‘A way to poison a Bath’ (“let a woman wash her Hair with a mixture of beaten Eggs and Oatmeal, and go afterwards into a warm Bath, and she will poison the Water to such a Degree, that there will be a stinking noisome Smell communicated to it, and a great Quantity of a light and frothy Sea Green Matter will swim on it”)

‘An easy Way of taking a Vomit’ (“as Man and Wife are one Flesh, one of them may at any Time take the Medicine in order to do its operation on the other”);

The miraculous existence ‘Of Demons in Lead-Mines’ (“The world has been used to look upon all these Stories as whimsical and ridiculous … but surely it has not been observed in the Philosophical Transactions”).

In Arderon’s handwritten annotations, Hill’s criticisms were “all invented and had no being than in the malicious head of Mr. Hill, who takes such pleasure in scandal”. He was a “common dirt thrower”, a “Good Old Woman”, “a malicious creature” and “notorious defamer”.

Certainly, the notes confirm Hill’s view of Arderon, who once he “has got hold of a Subject, does not chuse to quit it … He raises Objections, as some of our Clergy are apt to do in their Sermons, for the sake of answering them: and by his Method of executing this great Part of a Projector’s Talk, seems worthy to be made Engineer-General to the Society he at present does the Honour of being a simple Member of.”

Hill became known as ‘The Inspector’ in London coffee-house circles, from his column in the London Daily Advertiser and Literary Gazette. He continued to publish botanical, scientific and literary works, and acquired an MD from the University of St Andrews and the patronage of Lord Bute. Particularly interested in taxonomy, he would correspond with Carl Linnaeus, write a foresighted tract linking tobacco with cancerous growth, work again as a director and actor in Covent Garden, and export herbal medicines to America.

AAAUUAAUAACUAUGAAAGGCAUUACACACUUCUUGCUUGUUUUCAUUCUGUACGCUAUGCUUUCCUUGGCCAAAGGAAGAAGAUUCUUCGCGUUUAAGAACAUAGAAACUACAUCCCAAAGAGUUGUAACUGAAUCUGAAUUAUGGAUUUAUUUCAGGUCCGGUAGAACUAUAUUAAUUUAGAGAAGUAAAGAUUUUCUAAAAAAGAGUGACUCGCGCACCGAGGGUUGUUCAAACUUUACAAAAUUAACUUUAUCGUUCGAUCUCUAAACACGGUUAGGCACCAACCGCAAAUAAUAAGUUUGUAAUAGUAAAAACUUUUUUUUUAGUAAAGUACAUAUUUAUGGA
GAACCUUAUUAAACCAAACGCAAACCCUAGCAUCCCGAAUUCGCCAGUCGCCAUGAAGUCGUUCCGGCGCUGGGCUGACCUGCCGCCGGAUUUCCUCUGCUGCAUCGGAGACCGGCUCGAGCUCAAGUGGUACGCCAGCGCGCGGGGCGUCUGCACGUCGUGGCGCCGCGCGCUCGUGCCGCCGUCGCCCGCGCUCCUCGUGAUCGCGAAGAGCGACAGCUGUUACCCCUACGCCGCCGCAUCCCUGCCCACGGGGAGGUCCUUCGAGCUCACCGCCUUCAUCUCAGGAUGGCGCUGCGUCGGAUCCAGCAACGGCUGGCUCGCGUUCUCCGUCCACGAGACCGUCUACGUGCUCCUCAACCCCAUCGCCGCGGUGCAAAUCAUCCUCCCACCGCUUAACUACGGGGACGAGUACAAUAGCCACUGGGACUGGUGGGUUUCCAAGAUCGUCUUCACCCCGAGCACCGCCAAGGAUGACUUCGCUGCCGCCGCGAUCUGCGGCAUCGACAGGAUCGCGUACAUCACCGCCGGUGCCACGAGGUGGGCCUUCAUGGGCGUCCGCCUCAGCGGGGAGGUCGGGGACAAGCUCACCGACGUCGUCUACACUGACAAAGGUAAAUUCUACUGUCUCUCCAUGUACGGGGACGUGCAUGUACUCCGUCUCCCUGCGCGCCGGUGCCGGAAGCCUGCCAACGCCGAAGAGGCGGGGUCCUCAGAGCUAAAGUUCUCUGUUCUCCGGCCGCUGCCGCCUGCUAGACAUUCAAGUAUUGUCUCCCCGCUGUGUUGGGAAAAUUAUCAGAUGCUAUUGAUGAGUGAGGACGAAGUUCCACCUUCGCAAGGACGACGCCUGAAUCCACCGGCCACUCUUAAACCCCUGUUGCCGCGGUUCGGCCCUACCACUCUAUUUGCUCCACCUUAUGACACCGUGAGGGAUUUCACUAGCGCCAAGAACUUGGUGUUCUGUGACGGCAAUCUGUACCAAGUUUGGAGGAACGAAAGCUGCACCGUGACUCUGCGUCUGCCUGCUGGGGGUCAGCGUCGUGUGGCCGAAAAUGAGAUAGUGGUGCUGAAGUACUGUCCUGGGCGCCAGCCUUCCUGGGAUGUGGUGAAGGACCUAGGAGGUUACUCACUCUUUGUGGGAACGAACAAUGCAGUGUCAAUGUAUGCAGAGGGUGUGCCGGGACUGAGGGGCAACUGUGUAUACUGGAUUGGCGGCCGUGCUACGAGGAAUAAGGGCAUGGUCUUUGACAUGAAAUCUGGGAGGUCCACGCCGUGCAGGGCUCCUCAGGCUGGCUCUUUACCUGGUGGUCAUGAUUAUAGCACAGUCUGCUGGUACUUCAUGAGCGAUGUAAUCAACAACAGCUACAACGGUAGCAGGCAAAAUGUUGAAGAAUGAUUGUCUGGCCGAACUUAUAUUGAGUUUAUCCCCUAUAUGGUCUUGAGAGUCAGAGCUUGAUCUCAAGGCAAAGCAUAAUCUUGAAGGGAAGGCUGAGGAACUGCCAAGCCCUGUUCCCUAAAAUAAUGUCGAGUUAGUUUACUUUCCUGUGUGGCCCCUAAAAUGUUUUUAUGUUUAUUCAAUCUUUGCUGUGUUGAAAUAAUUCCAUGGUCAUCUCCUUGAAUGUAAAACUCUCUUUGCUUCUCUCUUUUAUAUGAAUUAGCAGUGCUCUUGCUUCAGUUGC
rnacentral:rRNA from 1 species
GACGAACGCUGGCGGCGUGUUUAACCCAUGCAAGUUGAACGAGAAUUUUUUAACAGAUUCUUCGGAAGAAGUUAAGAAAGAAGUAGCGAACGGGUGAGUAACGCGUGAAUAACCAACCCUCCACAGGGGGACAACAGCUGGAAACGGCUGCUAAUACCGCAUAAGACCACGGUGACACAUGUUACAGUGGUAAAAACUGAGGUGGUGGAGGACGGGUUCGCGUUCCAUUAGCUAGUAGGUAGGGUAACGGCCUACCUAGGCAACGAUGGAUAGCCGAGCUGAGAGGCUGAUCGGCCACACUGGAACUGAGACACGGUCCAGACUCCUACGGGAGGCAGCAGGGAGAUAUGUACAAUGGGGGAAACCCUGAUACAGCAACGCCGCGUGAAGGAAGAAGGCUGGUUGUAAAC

So, was Hill attacking noble, gentlemanly natural philosophers without substance? According to Kevin J. Fraser in his 1993 article for Notes & Records of the Royal Society, ‘John Hill and the Royal Society in the eighteenth century’, many believe that the Society was in decline in this period, with too much emphasis on antiquarianism and natural history, and that some of Hill’s criticism was well-founded. It should also be noted that Hill was not the only writer in eighteenth-century London to publicly express his grievances with the Society through printed satire: under the pseudonym ‘Petrus Gualterus’, Henry Fielding (who later had a pamphlet war with Hill) was behind a 1743 work, “read before the Royal Society”, concerning an animal that could be cut into pieces to become a vegetable …

Hill’s ‘Review of the Royal Society’, annotated by Arderon, can be seen on display in the ‘Treasures of the Royal Society Library’ exhibition, which runs until 21 June. This post is by Nessa Malone, who recently completed a two-week placement in the Royal Society Centre for History of Science. Nessa is currently studying for a MA in Library and Information Studies at University College London.

Comments are closed.